Photo: Alina Mendoza

Lately, I’ve been thinking a lot about the way I consume information. Like many of us, I spend a lot of time online on my computer and smartphone reading the news, watching videos, scrolling through my social media feeds. That’s a lot of screen time, and for someone who relies daily on email and Google docs and internet research to do my job, and as someone who appreciates good storytelling, I’ve turned to podcasts to inform and entertain me while my eyes catch a break.

Similarly, I’ve increasingly become interested in digital wellness* and how our relationship with technology continues to evolve. In some small way, I consider podcasts an act of self-care; a form of creative nourishment on one hand and an opportunity to unplug from emails and scrolling on the other.

Below are some of my favorites that have served to inspire, teach, entertain and challenge me to consider perspectives beyond my own and immediate surroundings.

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Arriving in Queenstown, New Zealand

I’ve traveled a lot. I was two when my parents put me on a plane to spend the summer with my grandparents on the East Coast. Throughout my childhood, they continued to send me East every other summer. Other times, we bounced from Kaua’i to the other islands, to California, Canada. There was even a South Western road trip before I went to college. These were the days of Mom’s travel binder stuffed with printed MapQuest guides, printed flight and hotel confirmations. Pre-iPhone.

As an adult (or “adult”), I’ve taken short business trips to week long vacations, to even longer working and living situations across the country and abroad.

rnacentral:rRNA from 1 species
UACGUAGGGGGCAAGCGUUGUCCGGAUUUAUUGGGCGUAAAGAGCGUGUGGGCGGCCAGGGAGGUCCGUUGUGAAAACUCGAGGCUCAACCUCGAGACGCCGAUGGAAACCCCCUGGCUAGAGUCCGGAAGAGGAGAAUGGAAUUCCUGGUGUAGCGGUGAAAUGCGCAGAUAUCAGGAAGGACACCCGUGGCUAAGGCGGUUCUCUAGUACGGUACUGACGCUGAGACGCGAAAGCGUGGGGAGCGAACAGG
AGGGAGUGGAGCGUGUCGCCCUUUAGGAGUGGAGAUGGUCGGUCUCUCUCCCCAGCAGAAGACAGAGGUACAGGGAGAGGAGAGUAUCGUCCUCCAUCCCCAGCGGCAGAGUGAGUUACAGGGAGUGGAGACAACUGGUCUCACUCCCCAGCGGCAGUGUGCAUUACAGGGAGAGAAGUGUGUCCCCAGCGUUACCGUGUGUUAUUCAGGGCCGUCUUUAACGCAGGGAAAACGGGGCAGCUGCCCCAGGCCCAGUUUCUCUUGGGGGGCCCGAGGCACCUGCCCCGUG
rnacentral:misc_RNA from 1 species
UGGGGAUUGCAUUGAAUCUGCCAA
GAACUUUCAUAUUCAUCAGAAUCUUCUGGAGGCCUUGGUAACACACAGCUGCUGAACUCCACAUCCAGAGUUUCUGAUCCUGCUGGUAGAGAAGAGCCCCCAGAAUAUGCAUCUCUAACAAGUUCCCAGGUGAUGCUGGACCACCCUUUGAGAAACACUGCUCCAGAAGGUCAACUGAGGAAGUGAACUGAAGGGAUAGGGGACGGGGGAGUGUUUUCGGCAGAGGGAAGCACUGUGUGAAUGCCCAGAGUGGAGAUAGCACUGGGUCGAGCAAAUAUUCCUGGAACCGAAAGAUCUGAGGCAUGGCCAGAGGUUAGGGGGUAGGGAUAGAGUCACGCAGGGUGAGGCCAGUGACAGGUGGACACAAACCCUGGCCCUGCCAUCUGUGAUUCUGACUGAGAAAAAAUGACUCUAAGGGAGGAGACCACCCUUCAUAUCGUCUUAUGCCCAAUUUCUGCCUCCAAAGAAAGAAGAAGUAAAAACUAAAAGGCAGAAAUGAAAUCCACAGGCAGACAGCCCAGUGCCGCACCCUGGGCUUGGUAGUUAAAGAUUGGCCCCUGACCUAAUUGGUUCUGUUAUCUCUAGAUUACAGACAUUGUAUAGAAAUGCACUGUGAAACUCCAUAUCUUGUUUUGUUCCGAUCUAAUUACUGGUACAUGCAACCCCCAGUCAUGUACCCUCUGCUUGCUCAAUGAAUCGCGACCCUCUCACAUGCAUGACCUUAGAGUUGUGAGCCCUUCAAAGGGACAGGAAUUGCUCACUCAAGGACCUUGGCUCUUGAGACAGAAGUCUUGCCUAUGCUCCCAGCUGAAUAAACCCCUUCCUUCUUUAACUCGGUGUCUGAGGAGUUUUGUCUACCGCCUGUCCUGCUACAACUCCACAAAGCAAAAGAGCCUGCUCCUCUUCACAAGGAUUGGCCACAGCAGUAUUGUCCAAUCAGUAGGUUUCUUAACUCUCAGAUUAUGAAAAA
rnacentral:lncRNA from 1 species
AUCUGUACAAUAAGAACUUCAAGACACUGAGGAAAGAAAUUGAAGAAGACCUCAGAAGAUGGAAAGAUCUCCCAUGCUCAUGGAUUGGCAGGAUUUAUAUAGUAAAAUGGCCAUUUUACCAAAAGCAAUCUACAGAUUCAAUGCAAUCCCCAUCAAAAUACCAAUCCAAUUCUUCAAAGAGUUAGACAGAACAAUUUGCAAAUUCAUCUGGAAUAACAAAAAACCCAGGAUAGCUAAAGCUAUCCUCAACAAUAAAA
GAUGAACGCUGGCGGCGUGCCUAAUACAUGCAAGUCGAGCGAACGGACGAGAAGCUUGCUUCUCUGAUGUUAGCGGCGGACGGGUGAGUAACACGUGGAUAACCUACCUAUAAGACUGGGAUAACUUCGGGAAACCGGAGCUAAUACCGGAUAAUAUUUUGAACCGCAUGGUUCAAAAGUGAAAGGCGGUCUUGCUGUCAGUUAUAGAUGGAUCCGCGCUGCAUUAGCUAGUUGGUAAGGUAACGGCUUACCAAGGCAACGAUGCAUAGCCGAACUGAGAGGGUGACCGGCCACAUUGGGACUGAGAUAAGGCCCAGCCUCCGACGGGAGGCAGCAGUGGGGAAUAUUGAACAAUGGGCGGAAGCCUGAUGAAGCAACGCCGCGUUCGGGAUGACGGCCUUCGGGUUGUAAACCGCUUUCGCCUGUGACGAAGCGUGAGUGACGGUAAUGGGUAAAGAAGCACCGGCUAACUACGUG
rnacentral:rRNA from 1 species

Below are some things that help me travel with confidence and ease because when we travel, that’s what we want. We want the process to be as painless as possible for our wallets and peace of mind. We want to get right into the experience.

These items help me do that*:

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My introduction to Honolulu’s Kaka’ako neighborhood was hard and fast, and I liked it. On arrival, I was immediately ushered into cocktail-centric and appropriately named Bevy to clink Lilikoi-whiskey cocktails and other fruity concoctions––like, within a half hour of landing. I smelled like airplane and my hair had already begun to frizz from the island humidity. I didn’t care. I was surrounded by family, new friends, good drinks and the island intonation I hadn’t heard in nearly two years––and easily slipped back into during the seven days I was home.

Kaka’ako

Kaka’ako is trendy yet local; friendly, inviting and casual. It is the island lifestyle elevated, yet it seems the fun I had while visiting is just the beginning of a 15-20 year plan to revitalize the area, according to Our Kaka’ako. Backed by Kamehameha Schools, the intent for a walkable, live, work, play environment with ample green space is already evident in the handful of small eateries and watering holes that dot the cross streets of Ala Moana Boulevard.

A pint at Honolulu Beerworks.

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